Next time the project will turn to what the socialist aspects of “socialist with Chinese characteristics” might look like in Chinese family law.

[1] Miles Menander-Dawson, The Ethics of Confucius (1915) p137

[2] Zailin Zhang and Shaoqian Zhang, “Theories of Family in Ancient Chine se Philosophy” (2009) 4 Frontiers of Philosophy in China 343

[3] Chris Buckley, “China Enshrines “Xi Jinping Thought,” Elevating Leader to Mao-Like Status” New York Times (24 October 2017)

[4] JL Dull, “Marriage and Divorce in Traditional China” in DC Buxbaum (ed), Chinese Family law and Social Change in Historical and Comparative Perspective (1978). p25

[5] ibid. p26

[6] ibid. p26

[7] MH Van Der Valk, An Outline of Modern Chinese Family law (1939). p20

[8] Miles Menander-Dawson, The Ethics of Confucius (1915). p144

[9] MH Van Der Valk, An Outline of Modern Chinese Family law (1939). p20

[10] Ibid. p21

[11] Miles Menander-Dawson, The Ethics of Confucius (1915). p142

[12] Ibid p143

[13] Bret Hinsch, Women in Early Imperial China (2nd ed, Rowman & Littlefield Publishers 2010). p143

[14] Miles Menander-Dawson, The Ethics of Confucius (1915). p139

[15] ibid. p143

[16] ibid. pl46

[17] Suzanne Dixon, From Ceremonial to Sexualities: A Survey of Scholarship on Roman Marriage, A Companion to Families in the Greek and Roman Worlds (2011). p248

[18] Miles Menander-Dawson, The Ethics of Confucius (1915). p146

[19] MH Van Der Valk, An Outline of Modern Chinese Family law (1939). p23

[20] Miles Menander-Dawson, The Ethics of Confucius (1915) p147

[21] Mark Cartright, “Women in the Byzantine Empire”, Ancient History Encyclopedia (2018)

[22] ibid. 23 Ta Tai Li per MH Van Der Valk, An Outline of Modern Chinese Family law (1939). p22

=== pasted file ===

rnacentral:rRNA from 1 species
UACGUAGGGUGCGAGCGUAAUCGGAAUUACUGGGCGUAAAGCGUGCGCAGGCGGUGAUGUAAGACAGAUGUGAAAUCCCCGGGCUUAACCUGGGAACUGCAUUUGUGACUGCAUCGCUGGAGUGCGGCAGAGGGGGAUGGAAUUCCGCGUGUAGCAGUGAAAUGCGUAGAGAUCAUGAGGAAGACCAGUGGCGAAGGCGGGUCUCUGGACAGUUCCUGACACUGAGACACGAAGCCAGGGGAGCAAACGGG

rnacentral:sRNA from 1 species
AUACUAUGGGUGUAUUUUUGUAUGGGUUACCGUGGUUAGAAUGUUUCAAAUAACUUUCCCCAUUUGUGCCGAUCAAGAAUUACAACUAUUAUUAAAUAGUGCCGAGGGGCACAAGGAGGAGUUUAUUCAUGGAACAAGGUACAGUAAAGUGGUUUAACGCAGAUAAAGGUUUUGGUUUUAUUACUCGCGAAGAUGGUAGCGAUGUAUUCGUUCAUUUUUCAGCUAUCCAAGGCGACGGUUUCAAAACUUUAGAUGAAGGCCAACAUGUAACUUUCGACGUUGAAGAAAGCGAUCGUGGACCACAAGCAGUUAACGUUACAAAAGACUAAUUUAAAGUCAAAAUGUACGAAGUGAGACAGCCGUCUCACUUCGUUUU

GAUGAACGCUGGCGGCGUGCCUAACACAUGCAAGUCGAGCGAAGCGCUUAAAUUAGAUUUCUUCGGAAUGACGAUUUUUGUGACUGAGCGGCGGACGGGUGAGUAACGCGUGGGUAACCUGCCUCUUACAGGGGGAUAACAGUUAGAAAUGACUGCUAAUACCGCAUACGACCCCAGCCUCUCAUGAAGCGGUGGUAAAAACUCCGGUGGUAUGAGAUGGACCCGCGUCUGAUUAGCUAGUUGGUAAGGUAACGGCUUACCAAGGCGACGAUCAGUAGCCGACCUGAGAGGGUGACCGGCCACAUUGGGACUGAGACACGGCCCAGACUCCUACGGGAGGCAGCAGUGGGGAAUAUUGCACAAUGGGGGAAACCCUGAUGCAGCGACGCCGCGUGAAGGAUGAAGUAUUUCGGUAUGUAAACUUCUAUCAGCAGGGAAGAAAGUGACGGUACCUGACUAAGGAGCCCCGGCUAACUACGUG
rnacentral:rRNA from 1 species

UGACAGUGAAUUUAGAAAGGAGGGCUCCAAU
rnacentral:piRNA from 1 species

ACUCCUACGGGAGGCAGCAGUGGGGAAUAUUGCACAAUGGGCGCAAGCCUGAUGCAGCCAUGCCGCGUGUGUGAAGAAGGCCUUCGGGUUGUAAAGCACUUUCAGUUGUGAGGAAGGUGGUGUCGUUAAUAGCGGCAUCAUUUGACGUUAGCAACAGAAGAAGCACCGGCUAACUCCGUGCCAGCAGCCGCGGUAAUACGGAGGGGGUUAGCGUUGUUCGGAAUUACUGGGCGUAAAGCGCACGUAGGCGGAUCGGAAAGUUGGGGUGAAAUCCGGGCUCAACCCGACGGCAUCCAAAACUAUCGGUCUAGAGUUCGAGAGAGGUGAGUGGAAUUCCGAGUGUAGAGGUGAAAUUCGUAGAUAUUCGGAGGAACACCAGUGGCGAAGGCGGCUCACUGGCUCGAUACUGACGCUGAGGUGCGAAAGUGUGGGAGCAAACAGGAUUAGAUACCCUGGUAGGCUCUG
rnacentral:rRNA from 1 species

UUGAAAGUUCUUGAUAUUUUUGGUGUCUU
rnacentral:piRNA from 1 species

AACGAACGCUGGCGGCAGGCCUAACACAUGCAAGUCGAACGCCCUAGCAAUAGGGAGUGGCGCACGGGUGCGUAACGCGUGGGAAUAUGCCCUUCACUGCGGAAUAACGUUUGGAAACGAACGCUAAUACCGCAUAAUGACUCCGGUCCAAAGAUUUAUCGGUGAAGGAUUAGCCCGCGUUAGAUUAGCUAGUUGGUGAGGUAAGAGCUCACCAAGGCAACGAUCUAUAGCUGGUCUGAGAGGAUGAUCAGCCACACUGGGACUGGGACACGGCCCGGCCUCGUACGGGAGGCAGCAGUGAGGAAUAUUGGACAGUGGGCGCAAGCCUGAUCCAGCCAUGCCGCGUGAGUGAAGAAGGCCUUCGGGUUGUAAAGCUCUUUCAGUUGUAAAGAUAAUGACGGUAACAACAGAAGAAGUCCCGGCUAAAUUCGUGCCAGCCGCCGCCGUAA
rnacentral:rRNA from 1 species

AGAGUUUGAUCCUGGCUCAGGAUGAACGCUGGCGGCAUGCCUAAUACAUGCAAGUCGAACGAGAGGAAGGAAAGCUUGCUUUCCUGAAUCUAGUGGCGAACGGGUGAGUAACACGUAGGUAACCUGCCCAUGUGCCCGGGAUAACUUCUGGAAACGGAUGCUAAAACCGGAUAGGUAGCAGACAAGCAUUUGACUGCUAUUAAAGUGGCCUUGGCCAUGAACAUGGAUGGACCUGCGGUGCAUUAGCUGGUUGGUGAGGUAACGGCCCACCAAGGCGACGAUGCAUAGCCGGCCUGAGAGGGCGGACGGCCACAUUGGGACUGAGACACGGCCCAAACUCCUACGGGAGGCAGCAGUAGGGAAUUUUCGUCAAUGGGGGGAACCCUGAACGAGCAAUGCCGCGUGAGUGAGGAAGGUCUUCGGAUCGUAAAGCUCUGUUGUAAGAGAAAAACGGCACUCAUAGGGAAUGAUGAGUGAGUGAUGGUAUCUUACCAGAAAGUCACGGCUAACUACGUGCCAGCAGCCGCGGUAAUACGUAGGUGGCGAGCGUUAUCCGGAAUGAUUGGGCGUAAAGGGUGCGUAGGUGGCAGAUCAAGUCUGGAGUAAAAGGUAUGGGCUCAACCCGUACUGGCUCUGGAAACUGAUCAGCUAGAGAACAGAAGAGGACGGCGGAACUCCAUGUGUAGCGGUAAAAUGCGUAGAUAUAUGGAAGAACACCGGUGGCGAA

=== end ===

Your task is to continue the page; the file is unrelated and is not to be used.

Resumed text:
[24] Sandro Magister S, 'Divorce and Second Marriages. The Compliant "Oikonomia" of the Orthodox Churches' (26 September 2014) <http://chiesa.espresso.repubbl... ? eng=y&refresh_ce>

[25] YH Tai, “Divorce in Traditional Chinese Law” in DC Buxbaum (cd), Chinese Family law and Social Change in Historical and Comparative Perspective (1978). p9l

[26] MH Van Der Valk, An Outline of Modern Chinese Family law (1939). p23

[27] YH Tai, “Divorce in Traditional Chinese Law”' in DC Buxbaum (cd), Chinese Family law and Social Change in Historical and Comparative Perspective (1978). p93

[28] MH Van Der Valk, An Outline of Modern Chinese Family law (1939). p23

[29] ibid. p23

[30] Miles Menander-Dawson, The Ethics of Confucius (1915) p149-150

[31] MH Van Der Valk, An Outline of Modern Chinese Family law (1939).

[32] Miles Menander-Dawson, The Ethics of Confucius (1915) p150

[33] Miles Menander-Dawson, The Ethics of Confucius (1915) p150

[34] Rodney L Taylor, “'Family Values” - Confucian Style' (29 November 2011) ll05960.html>

[35] Miles Menander-Dawson, The Ethics of Confucius (1915) p157

[36] Li Ki, bk. xxi. sect. ii. 9. Per ibid. p 160

[37] Li Ki, bk. xxvii. 30. Per ibid. p 160

[38] ibid. pl60-161

[39] Confucius, The Analects, bk. ii., c. viii. Per ibid. p 161

[40] Confucius, The Analects, bk. iv., c. xix. ibid. pl65

[41] Confucius, The Analects, bk. i., c. xi. Per ibid. p 165-166

[42] Shi King, The Book of Odes, Minor Odes, Decade v., Ode 2 per ibid. pl71

[43] Confucius, The Analects. XVll;21

[44] Li Ki Bk. i., sect. i., pt. v., c. ii., v. 10 per Miles Menander-Dawson, The Ethics of Confucius (1915) p157

[45] Rodney L Taylor, “' Family Values” - Confucian Style' (29 November 2011) < ll05960.html>

[46] ibid.